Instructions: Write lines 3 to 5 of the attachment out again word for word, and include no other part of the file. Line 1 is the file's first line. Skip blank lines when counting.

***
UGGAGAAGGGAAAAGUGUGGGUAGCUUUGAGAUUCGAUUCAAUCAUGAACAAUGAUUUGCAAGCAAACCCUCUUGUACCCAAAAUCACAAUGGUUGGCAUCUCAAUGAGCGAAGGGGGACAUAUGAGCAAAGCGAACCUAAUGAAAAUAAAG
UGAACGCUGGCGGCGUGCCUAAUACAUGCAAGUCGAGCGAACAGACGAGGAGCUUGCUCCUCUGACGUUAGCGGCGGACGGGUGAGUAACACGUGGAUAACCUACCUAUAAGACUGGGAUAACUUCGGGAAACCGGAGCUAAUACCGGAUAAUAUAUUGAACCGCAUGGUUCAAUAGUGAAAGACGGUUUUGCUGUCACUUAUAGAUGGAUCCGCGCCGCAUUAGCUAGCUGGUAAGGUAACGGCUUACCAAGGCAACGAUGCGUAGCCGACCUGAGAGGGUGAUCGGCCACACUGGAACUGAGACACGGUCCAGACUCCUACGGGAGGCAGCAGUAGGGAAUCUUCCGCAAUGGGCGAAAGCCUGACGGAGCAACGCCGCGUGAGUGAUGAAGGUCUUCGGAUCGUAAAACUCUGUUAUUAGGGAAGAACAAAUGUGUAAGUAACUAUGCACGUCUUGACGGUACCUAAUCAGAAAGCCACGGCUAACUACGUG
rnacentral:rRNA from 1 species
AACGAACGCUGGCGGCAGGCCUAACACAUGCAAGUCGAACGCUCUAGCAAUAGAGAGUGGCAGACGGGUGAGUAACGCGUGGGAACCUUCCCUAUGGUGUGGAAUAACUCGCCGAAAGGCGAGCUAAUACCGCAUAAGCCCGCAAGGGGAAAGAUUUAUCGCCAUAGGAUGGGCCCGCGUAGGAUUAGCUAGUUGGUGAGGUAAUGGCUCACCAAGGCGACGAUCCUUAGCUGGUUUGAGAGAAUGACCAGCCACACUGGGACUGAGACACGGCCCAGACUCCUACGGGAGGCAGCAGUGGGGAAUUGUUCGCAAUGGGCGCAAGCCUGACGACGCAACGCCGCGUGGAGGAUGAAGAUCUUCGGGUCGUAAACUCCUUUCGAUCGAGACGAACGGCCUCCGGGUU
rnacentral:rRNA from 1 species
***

rnacentral:rRNA from 1 species
AACGAACGCUGGCGGCAGGCCUAACACAUGCAAGUCGAACGCUCUAGCAAUAGAGAGUGGCAGACGGGUGAGUAACGCGUGGGAACCUUCCCUAUGGUGUGGAAUAACUCGCCGAAAGGCGAGCUAAUACCGCAUAAGCCCGCAAGGGGAAAGAUUUAUCGCCAUAGGAUGGGCCCGCGUAGGAUUAGCUAGUUGGUGAGGUAAUGGCUCACCAAGGCGACGAUCCUUAGCUGGUUUGAGAGAAUGACCAGCCACACUGGGACUGAGACACGGCCCAGACUCCUACGGGAGGCAGCAGUGGGGAAUUGUUCGCAAUGGGCGCAAGCCUGACGACGCAACGCCGCGUGGAGGAUGAAGAUCUUCGGGUCGUAAACUCCUUUCGAUCGAGACGAACGGCCUCCGGGUU
rnacentral:rRNA from 1 species